I spent a good amount of time over Christmas watching those all too familiar Hallmark and Lifetime Christmas movies. You know the ones I’m talking about. The super corny love stories that almost always feature some “big city” guy or girl who needs to be reminded what Christmas and family is all really about and wind up falling in love with either their childhood sweetheart or some stranger they meet by chance. They’re stories are ridiculously predictable, and yet…watching them winds up being a weirdly comforting experience. Why is that? What is it about these types of movies and shows that make them enjoyable when their plots are so straightforward to the point where I can almost always predict what will happen next? Continue reading
Welcome back to another installment of “Last Week in Geekdom” where I comb the internet for all the news you need to know so you don’t have to. If you haven’t already seen my blog update, I’ll be taking a break for the rest of the month after this post, but you can still catch me on Twitter. I’m hoping to get some time to sit down and actually plan out some better content as well as reconsider the format of this new post. So stay tuned in January for some new content. In terms of news highlights for this week: Way too many anime announcements this week, so check below so some of those; The internet has been going crazy about the announcements of Cowboy Bebop live action and Blade Runner anime; and Netflix has cancelled the Daredevil series after 3 seasons. Be sure to check out the videos and articles below, and as always have a great Sunday! I’ll see you all in 2019! Continue reading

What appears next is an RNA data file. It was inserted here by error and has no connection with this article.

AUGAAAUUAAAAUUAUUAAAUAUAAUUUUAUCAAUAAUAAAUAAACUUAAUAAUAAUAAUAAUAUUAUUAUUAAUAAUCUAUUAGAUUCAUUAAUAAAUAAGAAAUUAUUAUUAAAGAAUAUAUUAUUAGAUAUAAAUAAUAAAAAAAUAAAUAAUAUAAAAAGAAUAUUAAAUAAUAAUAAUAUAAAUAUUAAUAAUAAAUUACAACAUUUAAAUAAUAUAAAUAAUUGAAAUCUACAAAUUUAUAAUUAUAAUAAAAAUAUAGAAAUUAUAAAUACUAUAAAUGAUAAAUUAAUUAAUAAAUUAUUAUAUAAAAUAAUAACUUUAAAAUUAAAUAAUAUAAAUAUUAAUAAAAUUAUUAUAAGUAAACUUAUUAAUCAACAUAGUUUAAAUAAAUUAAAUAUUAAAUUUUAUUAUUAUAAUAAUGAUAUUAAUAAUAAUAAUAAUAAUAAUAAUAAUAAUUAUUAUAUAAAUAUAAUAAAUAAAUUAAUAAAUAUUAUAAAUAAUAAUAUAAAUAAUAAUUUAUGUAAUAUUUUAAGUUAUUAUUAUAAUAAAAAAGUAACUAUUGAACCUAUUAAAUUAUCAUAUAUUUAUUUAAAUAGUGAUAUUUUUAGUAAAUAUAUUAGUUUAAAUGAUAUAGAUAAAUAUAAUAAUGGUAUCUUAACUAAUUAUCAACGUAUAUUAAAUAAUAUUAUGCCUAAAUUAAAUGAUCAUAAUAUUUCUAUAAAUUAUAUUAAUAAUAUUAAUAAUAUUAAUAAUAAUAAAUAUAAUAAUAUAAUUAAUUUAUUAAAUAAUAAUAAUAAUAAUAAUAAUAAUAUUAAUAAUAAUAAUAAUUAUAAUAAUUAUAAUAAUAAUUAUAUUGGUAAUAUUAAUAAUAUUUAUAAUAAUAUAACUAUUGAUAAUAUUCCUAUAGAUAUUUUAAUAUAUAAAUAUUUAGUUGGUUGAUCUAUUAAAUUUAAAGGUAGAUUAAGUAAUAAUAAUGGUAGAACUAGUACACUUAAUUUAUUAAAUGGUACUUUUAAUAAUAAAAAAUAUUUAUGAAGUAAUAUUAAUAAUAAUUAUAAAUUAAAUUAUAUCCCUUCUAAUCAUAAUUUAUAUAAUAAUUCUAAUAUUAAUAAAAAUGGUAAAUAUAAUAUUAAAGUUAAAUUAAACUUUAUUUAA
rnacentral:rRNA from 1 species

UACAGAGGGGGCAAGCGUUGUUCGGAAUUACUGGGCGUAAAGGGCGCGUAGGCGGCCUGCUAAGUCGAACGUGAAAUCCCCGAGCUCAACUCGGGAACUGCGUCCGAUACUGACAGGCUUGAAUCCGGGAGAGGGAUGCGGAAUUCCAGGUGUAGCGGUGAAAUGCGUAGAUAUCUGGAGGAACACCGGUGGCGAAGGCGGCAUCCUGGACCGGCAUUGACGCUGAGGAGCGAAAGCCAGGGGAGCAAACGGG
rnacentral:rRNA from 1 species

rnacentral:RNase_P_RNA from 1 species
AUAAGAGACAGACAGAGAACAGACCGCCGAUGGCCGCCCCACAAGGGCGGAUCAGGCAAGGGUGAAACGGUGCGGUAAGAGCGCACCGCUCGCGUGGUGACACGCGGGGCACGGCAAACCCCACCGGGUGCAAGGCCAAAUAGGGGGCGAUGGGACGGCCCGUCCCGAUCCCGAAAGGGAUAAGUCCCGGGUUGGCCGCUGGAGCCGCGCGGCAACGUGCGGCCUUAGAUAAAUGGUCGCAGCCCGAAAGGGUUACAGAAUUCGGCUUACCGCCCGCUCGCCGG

What is it about Wotakoi: Love is Hard for Otaku that keeps drawing me back? So far I’ve probably watched the anime about three times now all the way through. I’ve also picked up all three US volumes (6 Japanese volumes) of the manga and have read through all of those at least twice. I’ve reviewed the anime before on this blog, and I stick by my assessment that it’s a genuinely great series about nerdy people falling in love. It’s an anime I think we really needed with its energy, comedy, and healthy older relationships. So after the anime ended I felt the need to pick up the manga and see what other content there was, and I have to say that the anime is a fairly faithful adaptation with some minor changes to pacing and story. Like a lot of other adaptations, there are advantages to each medium whether it be animation or comics, and I find myself enjoying both the anime and the manga almost equally. However, there are a few notable differences between the two that I’d like to touch on more below. Continue reading